In its most basic form, the mobius flip is a variation on the “orbit” (check out how to do this trick in our previous article on 15 Intermediate Balisong Tricks). Instead of ending the orbit by holding a single handle and then flipping the knife into the open position, though, the mobius flip ends the orbit with a unique sort of fan shortstop.
Even after watching this trick over and over it can be difficult to see exactly how it works, which is a large part of the allure of this move. A great breakdown of this trick and how it’s done can be found in this tutorial, which shows how the trick is done from multiple angles and from a left and right-handed perspective.
If you’re struggling with this move, one helpful piece of advice that helped me was to wait as long as possible before intercepting the handle with your pinky (for the standard mobius). This will ensure that the handles have built up enough momentum to fan into the open position and successfully execute the trick.
A blade grab technically isn’t a single trick, but rather a genre of tricks that involve - you guessed it - grabbing the blade. The vast majority of butterfly knife tricks involve manipulating the handles, and flippers generally do not contact the blade at all except in certain tricks, such as chaplins and ricochets.
Blade grab tricks stand out not just because they are uncommon, but also because of the extra danger involved. Manipulating the blade rather than the handles puts your fingers in harms way even moreso than normal tricks, and mistakes can much more easily result in injury.
Because of the increased risk involved with performing blade grabs, it is highly advised that you practice these tricks extensively before incorporating them into your combos. Performing unpracticed or improvised blade grab tricks are a great way to burn through your bandaid stock!
There are far too many individual tricks in the blade grab genre to cover here, but some examples include blade fanning, aerial blade grab catches, blade ladders/twirls, and flourishes that involve only wrist motion to swing the knife around. Oh and don't forget the clap chap!
A trick from one of the most creative flippers in the community, the Pull-Through is an original trick from @flipper.was.a.dolphin. It doesn’t neatly fall into any of the “normal” categories of tricks, such as chaplins, twirls, or rollovers, but lives somewhere in the ricochet-twirl-transfer realm.
This trick/combo requires two hands and involves pulling the balisong in a half-open position through one of your hands. Make sure you’re pulling the correct handle in order to avoid any unwanted slices.
Generally speaking, two-handed tricks are less common than single handed tricks. There are a few reasons for this, but the main two are that (1) many flippers focus their attention only on flipping with their dominant hand, and (2) that often times flippers film themselves with their off-hand, meaning they aren’t able to use both if they’re going for a first-person perspective clip.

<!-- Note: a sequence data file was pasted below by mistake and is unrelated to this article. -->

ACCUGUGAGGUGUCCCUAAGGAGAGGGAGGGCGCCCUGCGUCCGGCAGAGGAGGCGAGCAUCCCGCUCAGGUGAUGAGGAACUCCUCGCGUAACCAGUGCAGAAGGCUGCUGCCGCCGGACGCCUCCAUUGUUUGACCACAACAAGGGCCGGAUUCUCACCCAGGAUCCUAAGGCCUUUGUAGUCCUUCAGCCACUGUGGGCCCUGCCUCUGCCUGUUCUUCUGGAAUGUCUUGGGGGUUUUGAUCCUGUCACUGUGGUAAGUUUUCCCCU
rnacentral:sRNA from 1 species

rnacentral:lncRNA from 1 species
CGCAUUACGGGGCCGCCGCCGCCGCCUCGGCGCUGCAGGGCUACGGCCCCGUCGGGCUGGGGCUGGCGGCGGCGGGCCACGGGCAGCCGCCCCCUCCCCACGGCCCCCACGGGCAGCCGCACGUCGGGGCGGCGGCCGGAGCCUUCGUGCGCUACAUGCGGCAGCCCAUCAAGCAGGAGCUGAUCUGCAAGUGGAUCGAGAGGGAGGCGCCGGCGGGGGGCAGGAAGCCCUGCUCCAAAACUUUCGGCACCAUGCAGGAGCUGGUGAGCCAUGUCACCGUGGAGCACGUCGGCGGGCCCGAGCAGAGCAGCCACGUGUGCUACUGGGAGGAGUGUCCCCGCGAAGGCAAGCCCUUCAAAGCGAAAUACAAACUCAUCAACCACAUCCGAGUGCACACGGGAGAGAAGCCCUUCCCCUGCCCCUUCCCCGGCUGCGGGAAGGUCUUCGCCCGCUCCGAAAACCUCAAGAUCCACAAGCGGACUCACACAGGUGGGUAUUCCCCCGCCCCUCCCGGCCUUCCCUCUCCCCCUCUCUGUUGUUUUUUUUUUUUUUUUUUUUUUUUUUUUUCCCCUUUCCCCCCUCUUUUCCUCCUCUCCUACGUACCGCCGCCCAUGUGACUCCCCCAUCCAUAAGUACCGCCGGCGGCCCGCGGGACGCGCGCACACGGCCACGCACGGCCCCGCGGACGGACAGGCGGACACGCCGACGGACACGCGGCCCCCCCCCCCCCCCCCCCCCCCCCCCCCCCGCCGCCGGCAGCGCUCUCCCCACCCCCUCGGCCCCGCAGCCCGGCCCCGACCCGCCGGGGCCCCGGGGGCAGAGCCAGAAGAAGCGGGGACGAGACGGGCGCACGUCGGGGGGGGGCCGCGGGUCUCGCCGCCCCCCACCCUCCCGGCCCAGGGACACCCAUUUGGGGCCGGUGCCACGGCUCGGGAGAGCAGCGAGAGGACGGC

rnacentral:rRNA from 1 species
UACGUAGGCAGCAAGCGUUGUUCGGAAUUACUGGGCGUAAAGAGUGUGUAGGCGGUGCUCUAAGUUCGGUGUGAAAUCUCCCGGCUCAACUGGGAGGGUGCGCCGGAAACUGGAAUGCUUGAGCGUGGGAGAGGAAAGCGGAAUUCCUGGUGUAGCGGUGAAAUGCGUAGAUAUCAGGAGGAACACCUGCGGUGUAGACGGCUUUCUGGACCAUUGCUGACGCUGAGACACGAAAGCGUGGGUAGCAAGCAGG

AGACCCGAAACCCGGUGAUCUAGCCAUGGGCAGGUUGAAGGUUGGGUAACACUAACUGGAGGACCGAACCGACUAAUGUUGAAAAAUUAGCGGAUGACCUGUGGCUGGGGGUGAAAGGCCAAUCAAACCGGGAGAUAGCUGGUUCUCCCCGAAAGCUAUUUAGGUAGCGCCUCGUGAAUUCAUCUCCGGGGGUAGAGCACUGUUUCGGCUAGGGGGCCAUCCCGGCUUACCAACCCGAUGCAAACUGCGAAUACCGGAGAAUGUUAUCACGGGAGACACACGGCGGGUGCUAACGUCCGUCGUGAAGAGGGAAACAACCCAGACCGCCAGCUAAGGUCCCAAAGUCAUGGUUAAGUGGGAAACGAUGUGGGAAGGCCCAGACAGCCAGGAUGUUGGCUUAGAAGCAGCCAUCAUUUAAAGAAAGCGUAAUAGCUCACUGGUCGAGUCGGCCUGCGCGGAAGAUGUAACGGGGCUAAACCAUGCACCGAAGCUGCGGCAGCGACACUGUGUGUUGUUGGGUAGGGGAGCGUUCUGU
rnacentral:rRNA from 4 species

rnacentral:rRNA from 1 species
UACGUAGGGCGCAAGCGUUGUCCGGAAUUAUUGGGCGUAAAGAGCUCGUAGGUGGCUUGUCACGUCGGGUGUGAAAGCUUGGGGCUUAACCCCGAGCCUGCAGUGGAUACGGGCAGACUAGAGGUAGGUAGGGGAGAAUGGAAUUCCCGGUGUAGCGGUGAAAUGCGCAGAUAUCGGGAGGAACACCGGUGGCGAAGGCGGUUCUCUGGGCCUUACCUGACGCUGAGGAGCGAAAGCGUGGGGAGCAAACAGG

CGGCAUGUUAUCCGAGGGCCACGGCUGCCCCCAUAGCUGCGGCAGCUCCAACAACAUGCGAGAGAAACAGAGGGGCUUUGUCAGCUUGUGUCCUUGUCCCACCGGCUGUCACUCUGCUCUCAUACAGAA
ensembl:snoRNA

Even for two-handed flipping, the pull-through is not often seen and will certainly turn some of even the most seasoned flippers’ heads. It distinguishes itself from normal transfers by grouping the blade with one of the handles, as opposed to only holding one handle per hand.
The creator of this move offers a great in-depth tutorial on his Instagram and does a much better job showing the trick than can be explained here. Just make sure to tag him when you master this one!
L’engrenage / “The Gear”
The final uncommon trick comes from another of the most innovative flippers currently active. @chlaskao_zome is another flipper with a style that is entirely his own, and has developed many balisong tricks and manipulations than just the one mentioned here (he is well-known for his unique transfers, quickdraws, and knife-on-knife aerials, just to name a few).
“L’engrenage”, French for “the gear”, involves vertically spinning an open balisong with just one finger from each hand. Like the previous trick, this maneuver does not conform to a single butterfly knife trick category, but could perhaps best be described as a kind of two-handed open/locked twirl.
Since this trick is done with the knife in the open position it can be helpful to have a butterfly knife with a latch, though it is not strictly required (as you can see above). The trick is still very doable without a latch, though it might make it a bit more difficult and take extra practice.
Incredible balance, precision, and consistent speed is required for this trick. Applying the right amount of pressure is key - too much or two little and the balisong will slip and fall.
Dialing in the speed is also critical to mastering this trick. Going too fast or too slow will make the trick look choppy and not smooth, or could cause you to lose control and fumble the knife.
With enough practice this trick can become a very impressive move in your arsenal, and can be incorporated into your combos in a variety of ways.
Make Up Your Own!
All of these tricks are sure to make you stand out as a butterfly knife flipper, but nothing will turn heads quite like developing your own tricks that no one has seen before, and your own flipping style that makes you instantly recognizable by your flips alone. Novelty and innovation are critical to the progression of the hobby, and you never know what slight variation might inspire a major development in the flipping community's collective repertoire.
Most flippers know about the main categories of tricks - chaplins, rollovers, aerials, etc., but as you can see from this list not all balisong manipulations fit nicely into these categories. Don’t be afraid to flip differently, embrace the unconventional, borrow from other flow arts, and put your own spin on what already exists!